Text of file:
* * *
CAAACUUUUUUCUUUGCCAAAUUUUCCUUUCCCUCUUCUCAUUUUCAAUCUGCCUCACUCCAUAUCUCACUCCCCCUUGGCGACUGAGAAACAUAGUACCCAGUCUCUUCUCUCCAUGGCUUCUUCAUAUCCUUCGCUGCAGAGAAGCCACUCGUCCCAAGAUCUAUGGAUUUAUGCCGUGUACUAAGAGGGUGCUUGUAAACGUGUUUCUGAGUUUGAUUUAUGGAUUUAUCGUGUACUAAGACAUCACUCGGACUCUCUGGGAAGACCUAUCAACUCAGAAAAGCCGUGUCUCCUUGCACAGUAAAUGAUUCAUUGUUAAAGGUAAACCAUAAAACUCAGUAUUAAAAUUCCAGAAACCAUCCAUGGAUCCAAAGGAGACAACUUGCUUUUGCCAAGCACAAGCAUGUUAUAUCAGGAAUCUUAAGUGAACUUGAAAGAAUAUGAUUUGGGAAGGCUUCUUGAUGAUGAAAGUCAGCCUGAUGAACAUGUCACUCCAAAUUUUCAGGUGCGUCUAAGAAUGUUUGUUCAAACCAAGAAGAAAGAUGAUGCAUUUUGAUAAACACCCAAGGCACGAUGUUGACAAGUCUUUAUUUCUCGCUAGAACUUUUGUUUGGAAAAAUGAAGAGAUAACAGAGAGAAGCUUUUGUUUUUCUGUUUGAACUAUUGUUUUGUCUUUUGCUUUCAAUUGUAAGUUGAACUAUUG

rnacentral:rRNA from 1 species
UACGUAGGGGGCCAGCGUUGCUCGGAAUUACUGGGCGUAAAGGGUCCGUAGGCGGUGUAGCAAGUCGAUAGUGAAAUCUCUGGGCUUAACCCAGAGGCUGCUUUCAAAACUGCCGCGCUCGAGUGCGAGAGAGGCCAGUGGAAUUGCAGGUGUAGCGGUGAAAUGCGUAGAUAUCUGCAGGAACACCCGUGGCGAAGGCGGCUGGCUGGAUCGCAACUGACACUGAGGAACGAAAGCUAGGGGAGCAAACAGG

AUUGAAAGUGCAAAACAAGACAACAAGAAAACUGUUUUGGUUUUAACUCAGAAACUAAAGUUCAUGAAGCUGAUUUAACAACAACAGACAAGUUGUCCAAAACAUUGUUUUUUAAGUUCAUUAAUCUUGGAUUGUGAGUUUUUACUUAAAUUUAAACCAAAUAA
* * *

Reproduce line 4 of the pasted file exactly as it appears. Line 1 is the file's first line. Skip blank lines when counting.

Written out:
AUUGAAAGUGCAAAACAAGACAACAAGAAAACUGUUUUGGUUUUAACUCAGAAACUAAAGUUCAUGAAGCUGAUUUAACAACAACAGACAAGUUGUCCAAAACAUUGUUUUUUAAGUUCAUUAAUCUUGGAUUGUGAGUUUUUACUUAAAUUUAAACCAAAUAA